Fake Function Framework – Request For Comments!

I have a little micro-framework called fff.h for generating fake functions (mocks) in C.  I have blogged about it in the past, and there have been some exciting changes over the last few weeks that I’d like to share.


The basic premise is that testing a C source file is difficult in idiomatic C because of all the external function calls that are hardwired into the production code.  The way fff.h helps is to make it a one-liner to create fake implementations of these for the purposes of testing.

Now, the basic formula on my last project for testing a C module is like this:

Typical approach to testing legacy C code

This was crude but effective.  What really grated with me though was the amount of repetitive code that had to be written to answer very basic questions.  Was my fake function called? How many times? What parameters were passed in on each occasion? Was the unlock function called before the write function? To answer these questions we ended up writing endless amount of (not very pretty) code like this:

Manual Fake Functions

It seemed to me that it should be possible to write a macro to generate this code.  This would tidy up the test files in terms of readability and would make it easier for my team to make tests.  And that was the genesis of the Fake Function Framework.

The best introduction to the Fake Function Framework is on the fff github site so I won’t rehash that here.

New Developments

I have since moved on to a new project and haven’t thought about fff.h in a wee while.  Through a variety of coincidences it happened that Tore, the architect on my previous project, met James Grenning during a training course and introduced him to fff.h. James played around with fff.h and sent me some great suggestions for cleanup, and how to improve fff.h to produce globally linkable fakes.  At first I thought that this was an unneeded complication for an otherwise simple framework, but James convinced me that reusable fakes had a lot of value.

I set to work on making the generator able to generate the new style fakes.  I don’t know I would have attempted this without having a full regression test suite for the framework.

The way it works is instead of using the usual syntax to create a fake using the FAKE_xxx_FUNCn macros, you create a header file to hold the declarations:

Global Fake example header file

Global Fake example header file

And then create an implementation file for the function definitions:

Global Fake implementation file example

Global Fake implementation file example

Then you can link many test suites against this single object without any problems. Simple!

Breaking Changes

There have been some breaking changes to fff.h to enable these new features, and I have also taken that opportunity to clean up some weaknesses in the previous design.  But since fff.h is just a header file, both will happily exist in your codebase. All you have to do is name the new version of fff.h fff2.h and start using fff2.h in your new tests.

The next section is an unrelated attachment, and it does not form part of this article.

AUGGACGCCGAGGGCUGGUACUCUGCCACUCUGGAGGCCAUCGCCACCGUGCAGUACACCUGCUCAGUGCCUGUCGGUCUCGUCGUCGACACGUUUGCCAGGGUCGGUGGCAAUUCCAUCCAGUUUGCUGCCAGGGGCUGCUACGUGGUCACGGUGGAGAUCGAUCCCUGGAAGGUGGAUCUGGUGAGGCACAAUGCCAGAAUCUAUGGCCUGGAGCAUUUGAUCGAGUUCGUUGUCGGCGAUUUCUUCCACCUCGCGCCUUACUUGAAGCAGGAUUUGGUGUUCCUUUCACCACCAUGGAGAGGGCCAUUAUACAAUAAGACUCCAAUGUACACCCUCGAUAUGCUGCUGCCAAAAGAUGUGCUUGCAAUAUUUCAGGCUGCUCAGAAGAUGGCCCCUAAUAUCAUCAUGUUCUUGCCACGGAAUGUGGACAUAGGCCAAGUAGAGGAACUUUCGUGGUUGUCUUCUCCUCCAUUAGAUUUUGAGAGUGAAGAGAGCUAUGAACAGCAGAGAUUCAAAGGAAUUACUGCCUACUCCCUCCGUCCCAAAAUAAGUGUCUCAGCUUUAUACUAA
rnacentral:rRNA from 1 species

So theses are the basic changes you should know about if you are already familiar with the fake function framework.  Somewhere in the test executable you must define the globals for fff.  Why not put it beside the main function?

Define FFF globals

In the old version of fff.h there was a shortcut for resetting all the fakes in one step.  This is now gone. The reason is that it only worked in C++ using static initializers and the introduction of global fakes were incompatible with this.

Reset Fakes

There has also been some cleanup.  All the fake function framework variables have been moved into a struct to avoid polluting the global namespace.

fff globals now in struct

fff globals now in struct

And the variables for individual fakes are now defined in a struct.

Fake function data now in struct


The fake function framework would not exist as it does today without the support of key folks.  Tore Martin Hagen (and his whiteboard), my partner-in-crime in Oslo, was instrumental during the genesis of fff.  Jon Jagger, who during ACCU 2011 helped me teach the preprocessor to count.  And James Grenning, who convinced me the value of global fakes, sent me a prototype Implementation, and showed me how expressive a DSL can be.  Thanks to you all!

Request for comments

I hope you like the new changes, and if you have any feedback or suggestions for further improvements don’t hesitate to leave a comment or contact me via twitter.

Further reading



Filed under fff, quality, software, testing

47 responses to “Fake Function Framework – Request For Comments!

  1. John Lowe

    Hi Mike,
    I’ve started using FFF in a project and am very pleased with the results. The biggest pain point at the moment is the documentation- getting from what is documented in the github site vs whats actually implement in fff3. I’ve figured it all out, but it took awhile to get going with the framework. Overall I really like what your are doing- keep going… (and keep it simple…) (Also, BTW: I never use C++, so I view keeping FFF limited to just C as a good, value added, feature.)

    • meekrosoft

      Hi John, thanks for the feedback, really appreciated! I completely agree about the documentation, I haven’t updated it yet because I wanted to get some feedback first, but I realize now that was backwards thinking. I’ll get on it this weekend. Let me know if you have any more suggestions for improvements.

  2. Hello Mike,
    Attended BITsCon w. James Grenning as speaker and your framework was mentioned. Have since used it and found it very useful! One note though – when using custom fakes returning a value, it’s the FFF fake return value thats being returned. A more logical choice would be to use the return value from the custom fake, giving more control to which values are actually returned? Also, will you be doing a mock like API sometime in the future?